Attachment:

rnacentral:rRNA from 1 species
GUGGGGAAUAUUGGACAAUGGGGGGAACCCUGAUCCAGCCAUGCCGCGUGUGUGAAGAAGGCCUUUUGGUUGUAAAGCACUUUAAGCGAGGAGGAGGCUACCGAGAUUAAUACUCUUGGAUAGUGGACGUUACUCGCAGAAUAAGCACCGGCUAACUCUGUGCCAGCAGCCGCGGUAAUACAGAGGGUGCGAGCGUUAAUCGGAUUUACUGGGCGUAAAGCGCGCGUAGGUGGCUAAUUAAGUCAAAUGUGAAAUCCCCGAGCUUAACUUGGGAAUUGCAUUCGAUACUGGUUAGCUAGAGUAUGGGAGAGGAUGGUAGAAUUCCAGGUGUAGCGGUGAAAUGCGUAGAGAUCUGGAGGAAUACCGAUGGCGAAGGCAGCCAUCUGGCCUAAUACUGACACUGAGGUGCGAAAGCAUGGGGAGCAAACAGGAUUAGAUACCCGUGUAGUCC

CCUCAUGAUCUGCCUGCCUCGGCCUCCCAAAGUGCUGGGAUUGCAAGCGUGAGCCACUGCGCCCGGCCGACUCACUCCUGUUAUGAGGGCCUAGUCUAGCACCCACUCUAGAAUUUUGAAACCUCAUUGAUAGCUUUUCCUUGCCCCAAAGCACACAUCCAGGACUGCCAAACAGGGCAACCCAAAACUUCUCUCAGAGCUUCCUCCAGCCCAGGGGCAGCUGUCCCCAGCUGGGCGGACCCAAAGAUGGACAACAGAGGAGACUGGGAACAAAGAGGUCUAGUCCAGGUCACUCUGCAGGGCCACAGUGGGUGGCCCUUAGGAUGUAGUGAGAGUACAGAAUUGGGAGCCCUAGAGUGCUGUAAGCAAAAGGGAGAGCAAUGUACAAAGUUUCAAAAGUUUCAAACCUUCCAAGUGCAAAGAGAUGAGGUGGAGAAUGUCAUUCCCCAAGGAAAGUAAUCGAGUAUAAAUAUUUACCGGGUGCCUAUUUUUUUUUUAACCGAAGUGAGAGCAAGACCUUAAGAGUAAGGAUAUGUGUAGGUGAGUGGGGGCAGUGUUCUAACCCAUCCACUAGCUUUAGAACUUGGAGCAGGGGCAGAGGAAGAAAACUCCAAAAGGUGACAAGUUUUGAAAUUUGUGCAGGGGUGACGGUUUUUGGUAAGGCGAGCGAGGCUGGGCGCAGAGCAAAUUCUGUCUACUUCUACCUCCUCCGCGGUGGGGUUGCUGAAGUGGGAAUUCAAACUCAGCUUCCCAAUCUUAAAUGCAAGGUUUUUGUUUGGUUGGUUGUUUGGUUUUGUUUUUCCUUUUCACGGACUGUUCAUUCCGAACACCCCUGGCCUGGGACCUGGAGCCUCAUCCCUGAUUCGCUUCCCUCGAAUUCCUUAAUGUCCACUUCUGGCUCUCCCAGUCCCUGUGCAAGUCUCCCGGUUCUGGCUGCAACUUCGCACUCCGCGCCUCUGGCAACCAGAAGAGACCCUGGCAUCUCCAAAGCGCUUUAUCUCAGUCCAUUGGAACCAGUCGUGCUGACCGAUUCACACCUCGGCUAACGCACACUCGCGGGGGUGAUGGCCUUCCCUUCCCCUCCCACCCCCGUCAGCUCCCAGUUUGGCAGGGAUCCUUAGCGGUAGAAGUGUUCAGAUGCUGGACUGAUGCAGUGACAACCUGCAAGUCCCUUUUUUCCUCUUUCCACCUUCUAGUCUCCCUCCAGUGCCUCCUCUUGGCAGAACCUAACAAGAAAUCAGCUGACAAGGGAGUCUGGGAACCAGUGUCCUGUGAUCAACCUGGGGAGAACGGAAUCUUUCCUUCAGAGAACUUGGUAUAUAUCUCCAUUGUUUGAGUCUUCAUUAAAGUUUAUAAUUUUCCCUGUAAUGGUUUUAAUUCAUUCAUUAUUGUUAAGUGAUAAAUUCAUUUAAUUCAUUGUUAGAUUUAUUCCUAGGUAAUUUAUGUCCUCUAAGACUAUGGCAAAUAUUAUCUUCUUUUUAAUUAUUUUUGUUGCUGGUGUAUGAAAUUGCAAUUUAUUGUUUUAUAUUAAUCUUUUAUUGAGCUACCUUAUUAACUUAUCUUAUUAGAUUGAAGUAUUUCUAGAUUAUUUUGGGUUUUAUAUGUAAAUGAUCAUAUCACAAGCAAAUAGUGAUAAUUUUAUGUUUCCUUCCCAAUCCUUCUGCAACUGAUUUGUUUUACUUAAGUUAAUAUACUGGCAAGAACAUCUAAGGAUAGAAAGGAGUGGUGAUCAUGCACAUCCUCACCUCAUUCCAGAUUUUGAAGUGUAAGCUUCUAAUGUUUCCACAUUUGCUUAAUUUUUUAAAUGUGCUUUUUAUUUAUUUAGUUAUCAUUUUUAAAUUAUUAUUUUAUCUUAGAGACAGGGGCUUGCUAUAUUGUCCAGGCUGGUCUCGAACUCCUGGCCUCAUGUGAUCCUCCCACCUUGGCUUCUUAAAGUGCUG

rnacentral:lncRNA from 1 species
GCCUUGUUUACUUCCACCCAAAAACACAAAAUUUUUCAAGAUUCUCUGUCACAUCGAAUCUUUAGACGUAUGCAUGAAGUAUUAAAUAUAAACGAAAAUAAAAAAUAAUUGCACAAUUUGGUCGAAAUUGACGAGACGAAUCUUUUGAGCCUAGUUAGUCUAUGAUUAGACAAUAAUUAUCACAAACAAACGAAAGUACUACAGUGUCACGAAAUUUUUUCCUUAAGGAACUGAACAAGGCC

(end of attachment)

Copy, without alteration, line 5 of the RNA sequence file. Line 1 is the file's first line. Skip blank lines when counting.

GCCUUGUUUACUUCCACCCAAAAACACAAAAUUUUUCAAGAUUCUCUGUCACAUCGAAUCUUUAGACGUAUGCAUGAAGUAUUAAAUAUAAACGAAAAUAAAAAAUAAUUGCACAAUUUGGUCGAAAUUGACGAGACGAAUCUUUUGAGCCUAGUUAGUCUAUGAUUAGACAAUAAUUAUCACAAACAAACGAAAGUACUACAGUGUCACGAAAUUUUUUCCUUAAGGAACUGAACAAGGCC